GENEVA — A UN human rights specialist accused the US government Wednesday of sidestepping his questions on its use of armed drones to carry out targeted killings overseas.
Christof Heyns, the UN’s independent investigator on extrajudicial killings, had asked the United States to lay out the legal basis and accountability procedures for the use of armed drones.
He also wants the United States to publish figures on the number of civilians killed in drone strikes against suspected terror leaders in Afghanistan, Pakistan, Yemen, and elsewhere.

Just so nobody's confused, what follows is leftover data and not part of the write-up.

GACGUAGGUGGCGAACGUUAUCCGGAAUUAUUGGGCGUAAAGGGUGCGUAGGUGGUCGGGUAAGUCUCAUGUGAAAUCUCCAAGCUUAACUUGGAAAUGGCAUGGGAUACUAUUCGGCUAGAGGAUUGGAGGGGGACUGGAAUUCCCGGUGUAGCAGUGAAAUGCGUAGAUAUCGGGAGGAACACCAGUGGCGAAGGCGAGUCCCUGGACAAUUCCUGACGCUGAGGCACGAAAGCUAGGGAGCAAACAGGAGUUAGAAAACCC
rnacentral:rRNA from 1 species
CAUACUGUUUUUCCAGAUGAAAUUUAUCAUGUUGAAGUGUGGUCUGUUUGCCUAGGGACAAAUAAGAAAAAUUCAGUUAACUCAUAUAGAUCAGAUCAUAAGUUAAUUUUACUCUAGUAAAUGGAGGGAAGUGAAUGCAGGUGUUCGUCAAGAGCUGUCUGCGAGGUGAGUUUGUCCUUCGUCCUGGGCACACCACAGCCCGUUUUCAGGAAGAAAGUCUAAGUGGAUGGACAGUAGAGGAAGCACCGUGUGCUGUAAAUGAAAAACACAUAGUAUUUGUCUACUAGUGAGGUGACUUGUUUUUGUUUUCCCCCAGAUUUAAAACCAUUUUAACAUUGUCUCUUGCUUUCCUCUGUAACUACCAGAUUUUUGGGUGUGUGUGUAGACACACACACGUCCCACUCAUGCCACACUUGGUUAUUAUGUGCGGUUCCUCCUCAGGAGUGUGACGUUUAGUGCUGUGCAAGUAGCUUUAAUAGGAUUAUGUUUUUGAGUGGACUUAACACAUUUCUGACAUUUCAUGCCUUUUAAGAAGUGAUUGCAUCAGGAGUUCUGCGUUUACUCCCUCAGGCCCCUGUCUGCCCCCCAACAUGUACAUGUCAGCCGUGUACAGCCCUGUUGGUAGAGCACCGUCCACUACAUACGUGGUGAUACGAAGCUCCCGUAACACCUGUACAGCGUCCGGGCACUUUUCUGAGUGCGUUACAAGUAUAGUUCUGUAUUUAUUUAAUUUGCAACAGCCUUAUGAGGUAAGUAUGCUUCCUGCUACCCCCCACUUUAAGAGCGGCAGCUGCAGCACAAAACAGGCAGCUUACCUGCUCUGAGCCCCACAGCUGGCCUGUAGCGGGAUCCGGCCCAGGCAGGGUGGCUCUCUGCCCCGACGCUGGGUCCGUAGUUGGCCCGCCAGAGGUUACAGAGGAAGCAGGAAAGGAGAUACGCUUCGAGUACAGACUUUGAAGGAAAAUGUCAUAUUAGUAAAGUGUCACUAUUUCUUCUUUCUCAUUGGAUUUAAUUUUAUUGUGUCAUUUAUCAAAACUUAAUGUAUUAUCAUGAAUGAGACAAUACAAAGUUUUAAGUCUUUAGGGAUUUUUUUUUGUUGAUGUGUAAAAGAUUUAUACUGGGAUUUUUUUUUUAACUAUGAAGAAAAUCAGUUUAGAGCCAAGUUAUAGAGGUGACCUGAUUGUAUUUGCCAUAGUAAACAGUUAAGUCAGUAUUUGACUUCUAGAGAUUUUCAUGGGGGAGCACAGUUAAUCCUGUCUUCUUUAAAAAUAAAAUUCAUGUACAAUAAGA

After a two-day ‘‘interactive dialogue’’ with US officials at the United Nations in Geneva, Heyns said he was still waiting for a satisfactory reply.
US officials did not explicitly mention the use of drones in the debate, but a written submission to the council cited three speeches by US administration officials that discussed counterterrorism operations.
In one of those speeches, President Obama’s counterterrorism chief, John Brennan, acknowledged in April that the nation uses remotely piloted aircraft to conduct targeted killings of suspected Al Qaeda members ‘‘to prevent terrorist attacks on the United States and to save American lives.’’
Brennan said the attacks are a legal, ethical, and wise way of conducting sensitive counterterrorism operations.